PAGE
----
A new report from the National Cancer Registry shows that childhood cancer mortality has declined over the past 50 years.
The report shows a significant reduction in the number of children dying from childhood cancer compared to the 1960s.
Since the 1990s fewer than 25 children under 15 died from cancer each year, compared with 50-60 children per year from the 1950s to the 1970s.
There has been a reduction in mortality rates of between 2.5-3% per year.
The report also shows there have been significant improvements in survival from leukaemia and lymphomas during the last 20 years.
However, the number of children with rare cancers increased between 1994 and 2014 - partly reflecting increases in the childhood population.
The Director of the National Cancer Registry said the fall in mortality rates for childhood cancer is due to improved treatments.
Professor Kerri Clough-Gorr said that on average, the survival rate for childhood cancer is 81%.
Speaking on RTÉ's Morning Ireland, she said the majority of cancers are treated with chemotherapy, which children tolerate fairly well.
In the past, she said, many cancers went undiagnosed but are now being discovered and treated earlier.
"The survival rate is 81% and that's really a great survival rate. Although we'd like it to improve and be higher, that is good news.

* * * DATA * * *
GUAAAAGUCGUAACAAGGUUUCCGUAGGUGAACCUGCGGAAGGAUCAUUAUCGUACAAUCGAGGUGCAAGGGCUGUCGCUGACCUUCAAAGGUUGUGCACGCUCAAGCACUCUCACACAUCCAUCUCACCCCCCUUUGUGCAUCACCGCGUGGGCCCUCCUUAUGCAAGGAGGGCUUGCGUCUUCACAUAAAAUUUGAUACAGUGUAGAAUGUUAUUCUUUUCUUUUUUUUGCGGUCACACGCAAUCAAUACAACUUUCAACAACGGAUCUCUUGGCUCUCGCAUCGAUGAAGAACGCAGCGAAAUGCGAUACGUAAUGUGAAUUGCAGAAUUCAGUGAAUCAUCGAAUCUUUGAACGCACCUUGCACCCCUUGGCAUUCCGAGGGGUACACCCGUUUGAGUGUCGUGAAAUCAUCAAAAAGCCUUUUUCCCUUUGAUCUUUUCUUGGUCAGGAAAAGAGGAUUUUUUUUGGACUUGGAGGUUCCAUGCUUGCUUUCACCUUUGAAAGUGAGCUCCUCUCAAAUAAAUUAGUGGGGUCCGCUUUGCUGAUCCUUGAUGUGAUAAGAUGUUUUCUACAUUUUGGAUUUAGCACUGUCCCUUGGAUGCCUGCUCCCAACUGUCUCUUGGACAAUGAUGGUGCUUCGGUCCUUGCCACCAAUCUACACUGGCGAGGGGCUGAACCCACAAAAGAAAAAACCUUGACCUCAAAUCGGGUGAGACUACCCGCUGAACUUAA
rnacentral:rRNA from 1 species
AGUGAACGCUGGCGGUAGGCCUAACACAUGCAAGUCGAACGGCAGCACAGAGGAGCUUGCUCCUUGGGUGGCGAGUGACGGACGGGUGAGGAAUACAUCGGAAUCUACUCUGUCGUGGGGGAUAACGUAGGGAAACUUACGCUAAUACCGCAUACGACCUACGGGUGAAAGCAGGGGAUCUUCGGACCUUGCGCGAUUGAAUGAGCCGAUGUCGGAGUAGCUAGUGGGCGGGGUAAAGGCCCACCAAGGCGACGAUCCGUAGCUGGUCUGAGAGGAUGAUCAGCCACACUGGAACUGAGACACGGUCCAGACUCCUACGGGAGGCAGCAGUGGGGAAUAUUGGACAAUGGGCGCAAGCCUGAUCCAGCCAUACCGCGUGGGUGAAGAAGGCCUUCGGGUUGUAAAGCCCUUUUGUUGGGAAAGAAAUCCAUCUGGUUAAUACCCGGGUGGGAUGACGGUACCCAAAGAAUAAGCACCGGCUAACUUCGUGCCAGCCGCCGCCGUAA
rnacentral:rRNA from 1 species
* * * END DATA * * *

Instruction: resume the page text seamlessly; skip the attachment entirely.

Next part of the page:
"Treatments are definitely improving and what we do know about treating childhood cancers is that the majority of them are treated with chemotherapy and we know that children tolerate chemotherapy really well."
She added that the "whys of childhood cancer remain unknown."
Prof Clough-Gorr said there needs to be a focus on making the survivorship of cancer the best it can be, which means focusing on the after effects of surviving cancer and ensuring patients get the best possible treatments.
"There are a lot of important issues like late effects, medical effects related to treatments. There can be slower delayed growth and development, learning problems, psycho social issues, there could be reproductive issues later in life.
"And of course there's always a potential increased risk of developing cancers later in life. These are all very very significant issues for families and children."